Not least among the challenges of preaching is that the pastor speaks to the same people week after week. In awe of this, John Bright, the famous English statesman and orator, said, “Nothing that I can think of would induce me to undertake to speak to the same audience once a week for a year!”6 Nevertheless, God calls his pastors to do it once, and often twice or three times a week. Any congregation that has sat under a pastor for several years has heard just about all his “silver bullets,” favorite stories, anecdotes, and illustrations. The challenge of preaching to the same people increases with time!
Finally, preaching is intrinsically difficult because of the self-exposure it entails. Phillips Brooks, the redoubtable preacher of turn-of-the-century Boston, said, “Preaching is God’s truth mediated through personality.” Brooks was stressing the necessity that the preacher internalize the truth and then present it through his own experience. Ultimately this involves some exposure and pain. Bruce Thieleman puts it this way:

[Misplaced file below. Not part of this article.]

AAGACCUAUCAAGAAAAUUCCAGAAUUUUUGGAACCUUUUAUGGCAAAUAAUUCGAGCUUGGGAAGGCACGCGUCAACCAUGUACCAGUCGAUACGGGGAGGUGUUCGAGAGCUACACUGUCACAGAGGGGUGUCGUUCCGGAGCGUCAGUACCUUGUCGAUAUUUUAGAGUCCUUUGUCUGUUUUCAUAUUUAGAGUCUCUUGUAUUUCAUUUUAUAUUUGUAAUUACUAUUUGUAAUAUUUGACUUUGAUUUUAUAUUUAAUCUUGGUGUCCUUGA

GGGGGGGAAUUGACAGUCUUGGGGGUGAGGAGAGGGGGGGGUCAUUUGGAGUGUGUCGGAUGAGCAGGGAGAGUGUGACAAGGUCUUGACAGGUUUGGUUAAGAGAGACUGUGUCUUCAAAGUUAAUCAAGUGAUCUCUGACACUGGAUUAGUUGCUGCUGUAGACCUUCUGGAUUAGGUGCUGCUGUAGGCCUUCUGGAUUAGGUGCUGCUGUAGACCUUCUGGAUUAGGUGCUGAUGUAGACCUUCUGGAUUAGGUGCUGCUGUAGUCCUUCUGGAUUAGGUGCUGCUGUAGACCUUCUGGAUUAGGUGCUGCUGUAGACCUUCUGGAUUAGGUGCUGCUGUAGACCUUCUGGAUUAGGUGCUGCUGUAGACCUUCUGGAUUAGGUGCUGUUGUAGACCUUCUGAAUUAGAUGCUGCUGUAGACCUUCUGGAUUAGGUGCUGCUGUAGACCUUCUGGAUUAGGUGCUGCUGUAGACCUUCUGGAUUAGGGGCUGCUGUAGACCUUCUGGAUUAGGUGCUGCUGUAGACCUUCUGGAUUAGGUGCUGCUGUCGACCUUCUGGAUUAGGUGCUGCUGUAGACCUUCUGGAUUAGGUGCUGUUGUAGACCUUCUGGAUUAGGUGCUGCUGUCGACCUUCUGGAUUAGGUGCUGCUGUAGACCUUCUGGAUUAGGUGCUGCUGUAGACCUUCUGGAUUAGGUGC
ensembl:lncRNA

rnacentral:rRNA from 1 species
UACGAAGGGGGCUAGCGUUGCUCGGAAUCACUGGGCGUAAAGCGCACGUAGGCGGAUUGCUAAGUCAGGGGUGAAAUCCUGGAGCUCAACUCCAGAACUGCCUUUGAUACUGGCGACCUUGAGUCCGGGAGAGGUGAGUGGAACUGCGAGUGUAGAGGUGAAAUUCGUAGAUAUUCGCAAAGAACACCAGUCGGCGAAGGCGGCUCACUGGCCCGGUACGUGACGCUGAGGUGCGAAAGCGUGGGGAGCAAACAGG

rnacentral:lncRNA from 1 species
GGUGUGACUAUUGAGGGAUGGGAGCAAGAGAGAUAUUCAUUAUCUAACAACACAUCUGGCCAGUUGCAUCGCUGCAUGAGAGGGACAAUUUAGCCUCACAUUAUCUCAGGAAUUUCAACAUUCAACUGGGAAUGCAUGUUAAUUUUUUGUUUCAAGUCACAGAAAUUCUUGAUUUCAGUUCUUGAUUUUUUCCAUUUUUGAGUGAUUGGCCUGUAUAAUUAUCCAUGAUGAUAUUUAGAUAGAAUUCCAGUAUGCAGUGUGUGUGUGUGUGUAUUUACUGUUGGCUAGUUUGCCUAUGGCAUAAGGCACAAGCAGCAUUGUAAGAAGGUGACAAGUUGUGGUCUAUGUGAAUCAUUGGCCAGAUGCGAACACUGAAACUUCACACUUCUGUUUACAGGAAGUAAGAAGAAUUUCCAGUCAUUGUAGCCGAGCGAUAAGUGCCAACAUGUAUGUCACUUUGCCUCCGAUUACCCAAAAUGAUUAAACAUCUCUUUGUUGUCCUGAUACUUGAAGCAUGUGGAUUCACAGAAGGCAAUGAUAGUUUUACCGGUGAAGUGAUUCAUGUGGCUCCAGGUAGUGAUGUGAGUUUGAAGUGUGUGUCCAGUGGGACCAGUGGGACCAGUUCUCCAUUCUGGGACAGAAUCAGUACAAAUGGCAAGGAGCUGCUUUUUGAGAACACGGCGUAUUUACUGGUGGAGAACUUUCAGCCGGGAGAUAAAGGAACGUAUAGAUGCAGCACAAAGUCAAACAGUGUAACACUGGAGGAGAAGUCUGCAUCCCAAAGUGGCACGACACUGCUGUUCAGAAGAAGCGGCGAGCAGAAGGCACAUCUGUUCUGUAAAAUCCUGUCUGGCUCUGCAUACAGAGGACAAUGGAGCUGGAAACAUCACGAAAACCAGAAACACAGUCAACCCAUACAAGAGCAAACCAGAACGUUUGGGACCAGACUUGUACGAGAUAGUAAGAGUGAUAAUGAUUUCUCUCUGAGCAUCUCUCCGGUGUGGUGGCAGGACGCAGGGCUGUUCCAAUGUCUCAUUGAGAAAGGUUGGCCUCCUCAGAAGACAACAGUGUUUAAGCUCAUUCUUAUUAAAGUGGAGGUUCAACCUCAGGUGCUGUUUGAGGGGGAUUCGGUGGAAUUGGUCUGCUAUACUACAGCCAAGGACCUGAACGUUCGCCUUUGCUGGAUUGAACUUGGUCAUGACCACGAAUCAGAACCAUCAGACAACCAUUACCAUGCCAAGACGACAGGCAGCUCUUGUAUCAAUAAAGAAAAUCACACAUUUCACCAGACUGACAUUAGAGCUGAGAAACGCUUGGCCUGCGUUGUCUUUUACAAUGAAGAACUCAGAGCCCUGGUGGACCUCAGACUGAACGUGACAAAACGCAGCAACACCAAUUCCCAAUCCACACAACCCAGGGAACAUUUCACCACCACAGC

The pulpit calls those anointed to it as the sea calls its sailors; and like the sea, it batters and bruises, and does not rest. … To preach, to really preach, is to die naked a little at a time and to know each time that you must do it again.
This is not to say that preaching is an onerous task. Far from it—it is a glorious calling! Rather, it is to stress that preaching is a uniquely difficult task because it is so personal, so time-consuming, and such a vast responsibility.
Any congregation that cares about understanding its pastor must understand and believe that the ministry is uniquely difficult; first, because the pastor is a special target of Satan’s opposition; and second, because he is called to do so many required things well—lead a volunteer organization, give discerning counsel, and preach God’s holy Word. In this connection, the congregation must believe that the pastorate is work. Every pastor has heard a variation of this line innumerable times—”What’s it like to work one day a week?” It is almost always a good- natured, playful remark and should be regarded as such. But it also voices the common folklore (no doubt deserved by some) that the pastorate is a soft job.
A young teenage girl once asked Barbara, “What does Mr. Hughes do?”
“You know, Suzi,” Barbara replied, “he’s pastor of College Church.”
“Yes, but what does he do the rest of the week?” My wife suggested that she go ask her parents, who were missionaries!
The bottom line, in terms of understanding your pastor, is that the difficult nature of his job makes him a likely candidate for stress. Moreover, if he does not learn how to cope with the pressures of his work, his divine calling can tragically bring harm to both him and his congregation.
But, happily, there are things that both he and his people can do to avoid this, as we shall see.
The Vulnerability of Your Pastor